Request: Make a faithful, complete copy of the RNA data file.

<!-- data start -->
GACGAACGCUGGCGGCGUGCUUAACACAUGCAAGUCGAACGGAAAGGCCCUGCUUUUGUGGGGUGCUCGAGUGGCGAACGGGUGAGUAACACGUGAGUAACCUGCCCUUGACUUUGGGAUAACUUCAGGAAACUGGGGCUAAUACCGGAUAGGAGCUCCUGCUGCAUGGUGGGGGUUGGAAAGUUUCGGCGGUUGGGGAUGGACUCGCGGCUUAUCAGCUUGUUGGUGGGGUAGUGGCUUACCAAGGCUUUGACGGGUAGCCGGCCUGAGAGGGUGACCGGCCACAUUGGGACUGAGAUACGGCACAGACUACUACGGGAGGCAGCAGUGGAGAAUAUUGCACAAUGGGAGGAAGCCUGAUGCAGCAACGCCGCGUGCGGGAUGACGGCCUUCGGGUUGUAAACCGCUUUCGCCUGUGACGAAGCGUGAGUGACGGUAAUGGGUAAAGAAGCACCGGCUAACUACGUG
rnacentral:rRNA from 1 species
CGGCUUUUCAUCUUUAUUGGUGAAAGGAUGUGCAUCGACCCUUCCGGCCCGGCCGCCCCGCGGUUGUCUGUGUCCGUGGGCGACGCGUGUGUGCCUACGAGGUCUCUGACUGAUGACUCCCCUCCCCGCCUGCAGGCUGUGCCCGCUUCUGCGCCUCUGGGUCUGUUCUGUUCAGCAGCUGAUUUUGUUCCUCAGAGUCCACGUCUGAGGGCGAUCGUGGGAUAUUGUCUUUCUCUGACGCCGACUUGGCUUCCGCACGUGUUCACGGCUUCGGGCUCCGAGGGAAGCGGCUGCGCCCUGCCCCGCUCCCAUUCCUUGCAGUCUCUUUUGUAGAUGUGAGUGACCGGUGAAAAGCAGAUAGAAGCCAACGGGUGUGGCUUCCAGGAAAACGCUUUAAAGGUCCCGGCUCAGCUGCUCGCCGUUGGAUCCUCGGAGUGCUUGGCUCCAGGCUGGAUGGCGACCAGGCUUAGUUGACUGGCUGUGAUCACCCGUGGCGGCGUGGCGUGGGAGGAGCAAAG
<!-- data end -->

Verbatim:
GACGAACGCUGGCGGCGUGCUUAACACAUGCAAGUCGAACGGAAAGGCCCUGCUUUUGUGGGGUGCUCGAGUGGCGAACGGGUGAGUAACACGUGAGUAACCUGCCCUUGACUUUGGGAUAACUUCAGGAAACUGGGGCUAAUACCGGAUAGGAGCUCCUGCUGCAUGGUGGGGGUUGGAAAGUUUCGGCGGUUGGGGAUGGACUCGCGGCUUAUCAGCUUGUUGGUGGGGUAGUGGCUUACCAAGGCUUUGACGGGUAGCCGGCCUGAGAGGGUGACCGGCCACAUUGGGACUGAGAUACGGCACAGACUACUACGGGAGGCAGCAGUGGAGAAUAUUGCACAAUGGGAGGAAGCCUGAUGCAGCAACGCCGCGUGCGGGAUGACGGCCUUCGGGUUGUAAACCGCUUUCGCCUGUGACGAAGCGUGAGUGACGGUAAUGGGUAAAGAAGCACCGGCUAACUACGUG
rnacentral:rRNA from 1 species
CGGCUUUUCAUCUUUAUUGGUGAAAGGAUGUGCAUCGACCCUUCCGGCCCGGCCGCCCCGCGGUUGUCUGUGUCCGUGGGCGACGCGUGUGUGCCUACGAGGUCUCUGACUGAUGACUCCCCUCCCCGCCUGCAGGCUGUGCCCGCUUCUGCGCCUCUGGGUCUGUUCUGUUCAGCAGCUGAUUUUGUUCCUCAGAGUCCACGUCUGAGGGCGAUCGUGGGAUAUUGUCUUUCUCUGACGCCGACUUGGCUUCCGCACGUGUUCACGGCUUCGGGCUCCGAGGGAAGCGGCUGCGCCCUGCCCCGCUCCCAUUCCUUGCAGUCUCUUUUGUAGAUGUGAGUGACCGGUGAAAAGCAGAUAGAAGCCAACGGGUGUGGCUUCCAGGAAAACGCUUUAAAGGUCCCGGCUCAGCUGCUCGCCGUUGGAUCCUCGGAGUGCUUGGCUCCAGGCUGGAUGGCGACCAGGCUUAGUUGACUGGCUGUGAUCACCCGUGGCGGCGUGGCGUGGGAGGAGCAAAG